It’s interesting that you were directly connected to that scene, because that really wasn’t the case for a lot of producers in the UK at that time. That disconnect was probably the motivation for a lot of British producers, but you were personally involved with Detroit. How did that first come about?

I was a record collector and I used to buy for Reckless Records, so when I was in America I just went there and met up with them. I felt a part of them. Me and Carl would be sending each other new music and releasing each other’s music. I had a lot of Derrick May’s old studio equipment, so I felt part of it.

There was famously a lot of sharing of equipment going on in the early days, although presumably it’s a little bit later when you went over there?

Yeah, it was 1990. What happened in my case is I went to see Inner City play live in 1989, around the time ‘Good Life’ and ‘Big Fun’ were huge hits. I was wearing a Transmat t-shirt and this guy came up to me and said, ‘Where did you get that t-shirt?’ I recognised him as Derrick May and we just got chatting. I said I was going to be over in Chicago buying records for the shop and he said I should come to Detroit if I had time.

So I went there and met a British guy working for Transmat – Matt Cogger, who used to do music under the name Neuropolitique – and as part of payment Derrick used to give him equipment. When it was time for Matt to come back to England he brought it all with him, so we used to share a Kawai K3, Derrick’s DX100 and I think we had one of Derrick’s reel-to-reels at one point. That’s how we started making music.

There are a lot of myths and legends about the gear those guys were using at the time and the various pieces which got passed around producers in Detroit and Chicago. Was it Kevin Saunderson or Juan Atkins who apparently had the modified DX100 with an analogue filter from an Oberheim synth? Did you see anything like that?

Derrick’s was definitely just standard, but one thing I do know is that his 808 sounded different to any other 808 I’ve ever heard – he said he’d opened it up and adjusted a few trimpots. I used it on ‘Meridian’ and you can hear it on that – the snare sounds really snappy, unlike any other 808.

I got to see Metroplex Studio in 1990 and pretty much all Juan’s music was based on the Pro-One. Those classic arpeggiated synth lines on all the Model 500 stuff are all Pro-One. That’s quite an important, often overlooked keyboard in the history of techno, actually.

Did you pick up tips on making music as well as gear?

No, they would never do that.


Oh yeah. It’s funny – Derrick’s often said that he’s mentored guys like myself and Carl Craig but he never ever showed you how to do anything. It was all very cryptic sort of advice. ‘Make sure your tracks have a beginning, a middle and an end.’ Things like that. He would never ever sit down and say, ‘This is how you program something.’ I think he did teach Matt Cogger how to tape edit, splicing and that sort of stuff, because Matt showed me, but he’d never give you any help. It had to be hard-won with him, and that’s the way it should be.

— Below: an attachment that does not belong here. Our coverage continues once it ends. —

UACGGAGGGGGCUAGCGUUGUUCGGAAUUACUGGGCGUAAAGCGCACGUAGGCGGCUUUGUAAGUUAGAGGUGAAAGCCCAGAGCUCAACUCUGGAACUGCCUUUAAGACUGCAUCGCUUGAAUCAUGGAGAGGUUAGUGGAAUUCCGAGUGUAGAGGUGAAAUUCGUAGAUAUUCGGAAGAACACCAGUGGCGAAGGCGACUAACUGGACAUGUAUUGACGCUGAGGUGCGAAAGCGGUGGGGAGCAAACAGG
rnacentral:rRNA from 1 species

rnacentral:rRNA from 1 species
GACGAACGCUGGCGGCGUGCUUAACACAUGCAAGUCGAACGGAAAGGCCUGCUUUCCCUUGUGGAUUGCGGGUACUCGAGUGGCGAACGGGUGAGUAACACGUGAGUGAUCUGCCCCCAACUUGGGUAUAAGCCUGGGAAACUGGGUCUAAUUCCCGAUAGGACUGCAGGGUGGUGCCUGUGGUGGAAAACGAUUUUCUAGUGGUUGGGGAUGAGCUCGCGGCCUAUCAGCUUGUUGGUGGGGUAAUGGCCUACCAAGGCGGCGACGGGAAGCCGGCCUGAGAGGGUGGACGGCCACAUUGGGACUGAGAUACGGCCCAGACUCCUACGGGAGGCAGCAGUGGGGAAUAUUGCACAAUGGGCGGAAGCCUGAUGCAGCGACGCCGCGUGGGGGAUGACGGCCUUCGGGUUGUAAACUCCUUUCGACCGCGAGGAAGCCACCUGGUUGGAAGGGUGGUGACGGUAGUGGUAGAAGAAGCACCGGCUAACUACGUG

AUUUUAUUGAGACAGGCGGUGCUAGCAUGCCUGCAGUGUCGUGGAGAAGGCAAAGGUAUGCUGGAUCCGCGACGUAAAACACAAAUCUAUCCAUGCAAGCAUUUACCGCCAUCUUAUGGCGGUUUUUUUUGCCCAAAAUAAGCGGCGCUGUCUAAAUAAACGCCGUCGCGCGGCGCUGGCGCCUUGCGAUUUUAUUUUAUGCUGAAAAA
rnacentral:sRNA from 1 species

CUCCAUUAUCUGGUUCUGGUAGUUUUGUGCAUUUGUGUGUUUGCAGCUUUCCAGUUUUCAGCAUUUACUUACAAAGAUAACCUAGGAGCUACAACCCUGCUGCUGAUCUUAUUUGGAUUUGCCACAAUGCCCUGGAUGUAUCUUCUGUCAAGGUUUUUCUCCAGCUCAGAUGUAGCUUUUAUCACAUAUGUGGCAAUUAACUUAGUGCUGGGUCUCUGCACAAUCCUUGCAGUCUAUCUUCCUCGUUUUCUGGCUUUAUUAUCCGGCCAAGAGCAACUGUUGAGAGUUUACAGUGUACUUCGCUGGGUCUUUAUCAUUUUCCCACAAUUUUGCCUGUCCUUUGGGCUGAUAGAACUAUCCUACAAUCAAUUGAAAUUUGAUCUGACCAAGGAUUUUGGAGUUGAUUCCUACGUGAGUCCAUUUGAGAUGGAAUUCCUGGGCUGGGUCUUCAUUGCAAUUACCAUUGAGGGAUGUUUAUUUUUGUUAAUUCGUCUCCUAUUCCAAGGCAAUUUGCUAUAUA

Derrick gave very cryptic advice. 'Make sure your tracks have a beginning, a middle and an end.' Things like that.

When did you actually start making music? Were you doing anything before you went to Detroit?

One of Kirk's modular synth systems: the basis of a single synth voice

One of Kirk’s modular synth systems: the basis of a single synth voice

No, it was 1990. I came back from Detroit, sold my record collection, got a few grand together and bought an Akai S950 sampler, a Roland D-5 as a master keyboard, a DAT machine, a Roland R-5, which was their latest drum machine at the time, and an Atari 1040 with Opcode Vision. So I had pretty good gear to start with and I locked myself away for six months to read manuals and teach myself.

Was it something you’d wanted to do before then?

No, not at all. It was just looking at Derrick’s setup in Transmat and the Metroplex studio and thinking, ‘How much did this gear cost? Four or five grand? That’s doable if I sell all my records…’

So you had absolutely no musical leanings before then?

No. I had that conversation with Matt Cogger. I asked him if he could read music or anything and he said, ‘No, this is all about programming.’

I guess the other influence was just before I went to Detroit, from a couple of old mates from when I was at school, Ed and Andy, the guys from Plaid. They used to breakdance in Ipswich when I was an electro DJ and they came into Reckless Records and said, ‘We’ve just moved to London and we’re making a bit of music. Do you want to come in and add some ideas and stuff?’ So I went into Black Dog Towers, the studio, and again it was a very minimal setup – Atari, Matrix 1000, 808, Fostex mixer – and they said, ‘Go on then, just program some drums.’ They couldn’t really read music either so that was an even bigger influence on me, seeing those guys do it.

Author Greg Scarth. Photos: Jerome Slesinski
26th February, 2013


  • His aunt outgrew “clubbing” at the age of seventeen?

  • Great interview.

  • Great inteview as always, keep ’em coming.

  • That ma man Atjazz


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